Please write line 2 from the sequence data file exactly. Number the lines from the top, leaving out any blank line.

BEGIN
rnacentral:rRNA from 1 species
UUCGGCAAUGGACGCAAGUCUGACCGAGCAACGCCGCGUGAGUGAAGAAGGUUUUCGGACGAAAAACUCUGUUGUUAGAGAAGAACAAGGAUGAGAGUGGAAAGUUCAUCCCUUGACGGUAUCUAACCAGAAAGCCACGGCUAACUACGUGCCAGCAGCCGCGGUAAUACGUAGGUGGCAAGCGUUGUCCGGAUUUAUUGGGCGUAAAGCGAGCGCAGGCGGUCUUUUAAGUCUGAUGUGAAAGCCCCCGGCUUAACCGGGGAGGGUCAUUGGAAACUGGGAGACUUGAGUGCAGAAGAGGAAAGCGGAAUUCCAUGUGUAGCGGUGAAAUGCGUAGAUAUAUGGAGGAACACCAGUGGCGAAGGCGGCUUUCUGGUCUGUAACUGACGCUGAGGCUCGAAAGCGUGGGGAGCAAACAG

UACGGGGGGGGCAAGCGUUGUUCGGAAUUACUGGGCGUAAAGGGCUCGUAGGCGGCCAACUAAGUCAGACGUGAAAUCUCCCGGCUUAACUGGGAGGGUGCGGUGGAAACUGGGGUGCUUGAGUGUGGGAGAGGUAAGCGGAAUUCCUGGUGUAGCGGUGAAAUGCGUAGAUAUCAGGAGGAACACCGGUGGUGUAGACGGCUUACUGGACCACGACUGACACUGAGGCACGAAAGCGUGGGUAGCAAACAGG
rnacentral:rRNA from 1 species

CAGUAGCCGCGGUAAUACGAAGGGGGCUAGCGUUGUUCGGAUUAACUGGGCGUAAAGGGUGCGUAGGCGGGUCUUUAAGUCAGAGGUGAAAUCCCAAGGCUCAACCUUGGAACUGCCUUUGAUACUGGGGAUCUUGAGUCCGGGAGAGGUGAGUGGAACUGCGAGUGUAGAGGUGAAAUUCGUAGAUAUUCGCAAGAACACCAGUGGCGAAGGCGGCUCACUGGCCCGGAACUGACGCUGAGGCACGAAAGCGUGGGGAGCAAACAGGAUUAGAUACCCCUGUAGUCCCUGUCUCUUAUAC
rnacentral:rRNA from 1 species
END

UUCGGCAAUGGACGCAAGUCUGACCGAGCAACGCCGCGUGAGUGAAGAAGGUUUUCGGACGAAAAACUCUGUUGUUAGAGAAGAACAAGGAUGAGAGUGGAAAGUUCAUCCCUUGACGGUAUCUAACCAGAAAGCCACGGCUAACUACGUGCCAGCAGCCGCGGUAAUACGUAGGUGGCAAGCGUUGUCCGGAUUUAUUGGGCGUAAAGCGAGCGCAGGCGGUCUUUUAAGUCUGAUGUGAAAGCCCCCGGCUUAACCGGGGAGGGUCAUUGGAAACUGGGAGACUUGAGUGCAGAAGAGGAAAGCGGAAUUCCAUGUGUAGCGGUGAAAUGCGUAGAUAUAUGGAGGAACACCAGUGGCGAAGGCGGCUUUCUGGUCUGUAACUGACGCUGAGGCUCGAAAGCGUGGGGAGCAAACAG